Constellation power shift

Risk: Constellation Energy 's planned split has raised questions about the transfer of BGE's electric plants and the utility's future.

September 09, 2001|By Dan Thanh Dang | Dan Thanh Dang,SUN STAFF

When Constellation Energy Group Inc. splits from Baltimore Gas and Electric Co., planned for the end of the year, it will begin life as a $6 billion electricity supplier with a powerful advantage: 10 BGE electric plants, including the nation's only relicensed nuclear station.

Constellation didn't pay billions of dollars to buy the valuable assets on the open market or risk losing out to a higher bidder. Instead, it got the plants as part of the plan to deregulate electricity in the Baltimore region.

It's a deal that boosts new Constellation's arsenal of electricity to sell nationwide, enhancing its chances of becoming a major player in an extremely competitive, high-risk and, it hopes, lucrative merchant power business.

But the same deal leaves a highly leveraged BGE with $2 billion in debt, less cash and a limited ability to grow.

To serve its 1.1 million residential customers, the utility will have to pay for the electricity it once produced - about $1 billion a year. BGE has locked in supplies until 2006 through fixed-rate contracts.

State regulators signed off on the plant transfers months before Constellation Chairman and Chief Executive Officer Christian H. Poindexter announced the ambitious plan to split into two independent companies: Constellation Energy and BGE Corp., in which BGE will be a subsidiary.

Company officials maintain the proposed separation plan is good for customers, shareholders and Baltimore, which will be home to both companies.

Critics contend the deal is too favorable to the new Constellation, while more neutral observers say it's the new Constellation that bears more of the risk.

But regulators worry that a financially weakened BGE, cut off from the deep pockets of its powerful corporate parent, could falter.

So concerned was the Maryland Public Service Commission that it held four days of hearings that concluded last month, during which its chairman wondered aloud whether the asset transfer "was premised on faulty facts."

And just 10 days ago, the state People's Counsel recommended that the commission delay the separation until Constellation provides firm commitments to restore BGE's capital structure.

"At the time of the asset transfer, this commission was very wary of the debt that would be left with BGE," PSC Chairman Catherine I. Riley told top company executives during the hearing.

"It was committed to that you guys would restore BGE's equity ratio within four or five years. When that commitment was made, did anyone envision that this separation would occur? Is there any reason why we [the PSC] should have anticipated separation?"

The PSC is expected to issue a decision next month.

Company officials vehemently deny that new Constellation is coming into being at BGE's expense. "We are very confident that BGE will be in a very strong position financially," said Paul J. Allen, Constellation vice president of corporate affairs.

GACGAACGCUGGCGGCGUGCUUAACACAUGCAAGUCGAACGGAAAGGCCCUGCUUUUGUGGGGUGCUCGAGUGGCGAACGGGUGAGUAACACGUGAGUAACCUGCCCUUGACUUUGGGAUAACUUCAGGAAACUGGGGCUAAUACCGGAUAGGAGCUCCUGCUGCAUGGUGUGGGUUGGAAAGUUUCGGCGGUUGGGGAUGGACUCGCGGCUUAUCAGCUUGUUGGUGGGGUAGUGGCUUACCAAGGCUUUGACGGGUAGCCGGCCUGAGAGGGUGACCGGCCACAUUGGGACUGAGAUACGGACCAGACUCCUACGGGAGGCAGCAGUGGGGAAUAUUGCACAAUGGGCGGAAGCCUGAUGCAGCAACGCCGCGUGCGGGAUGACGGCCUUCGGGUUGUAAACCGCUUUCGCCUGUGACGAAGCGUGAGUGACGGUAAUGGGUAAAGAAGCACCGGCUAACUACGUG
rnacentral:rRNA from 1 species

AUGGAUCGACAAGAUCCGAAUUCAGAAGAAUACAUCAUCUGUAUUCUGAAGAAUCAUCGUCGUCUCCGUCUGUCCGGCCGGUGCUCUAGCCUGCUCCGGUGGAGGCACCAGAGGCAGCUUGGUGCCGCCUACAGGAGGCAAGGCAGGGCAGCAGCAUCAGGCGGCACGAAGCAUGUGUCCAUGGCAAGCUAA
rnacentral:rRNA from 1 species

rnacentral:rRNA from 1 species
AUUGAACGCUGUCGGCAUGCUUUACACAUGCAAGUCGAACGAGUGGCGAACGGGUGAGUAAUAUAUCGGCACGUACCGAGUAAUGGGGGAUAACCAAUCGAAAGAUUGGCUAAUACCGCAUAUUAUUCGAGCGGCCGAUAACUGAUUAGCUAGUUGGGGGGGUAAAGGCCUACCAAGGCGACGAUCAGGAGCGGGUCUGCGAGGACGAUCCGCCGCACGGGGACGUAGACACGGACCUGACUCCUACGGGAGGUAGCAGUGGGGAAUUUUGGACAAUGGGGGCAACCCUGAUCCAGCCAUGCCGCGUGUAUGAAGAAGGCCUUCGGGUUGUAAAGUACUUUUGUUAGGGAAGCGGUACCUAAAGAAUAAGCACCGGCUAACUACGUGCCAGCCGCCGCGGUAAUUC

And credit-rating agencies have reacted favorably, reflecting the view that a distribution company like BGE is less risky than a merchant power company like new Constellation. After announcement of the pending split, Standard & Poor's placed BGE on credit watch "with positive implications to reflect that once its ties to Constellation's generation business have been severed, BGE's business profile will improve."

Company officials say they have gone out of their way to minimize BGE's risks. Just last month, BGE entered into long-term, multimillion-dollar contracts with affiliate Constellation Power Source and Allegheny Energy Supply Co. LLC to lock in wholesale power supplies for residential customers at current prices through July 1, 2006.

Company officials said the new contracts eliminate the threat that the utility could be caught in a squeeze between a rise in power costs and a rate freeze in effect until that date.

But while Constellation will continue cooperating with the PSC review, company officials maintain that the agency has no authority over the separation.

The crucial decision faced by the PSC comes as it attempts to maintain control over BGE's future and ensure the region's power supply under deregulation.

It is a scenario being played out across the country. Once-staid utilities are evolving at a dizzying pace under deregulation and as a result, industry experts say, regulators - let alone consumers - are struggling to understand and keep up with critical changes.

In Constellation's case, said one expert, the beneficiary of the changes is clear.

The transfer of the plants on July 1, 2000, was "a very sweet deal for Constellation, no question," said Stephen G. Hill, a consultant hired by the state People's Counsel to examine the split.

"The concept that BGE had nothing to do with the new company's future is a fiction that company executives want you to believe. But for years, BGE was a fully integrated utility that owned plants built with ratepayer dollars. The utility was the cash cow.

"There is no return"

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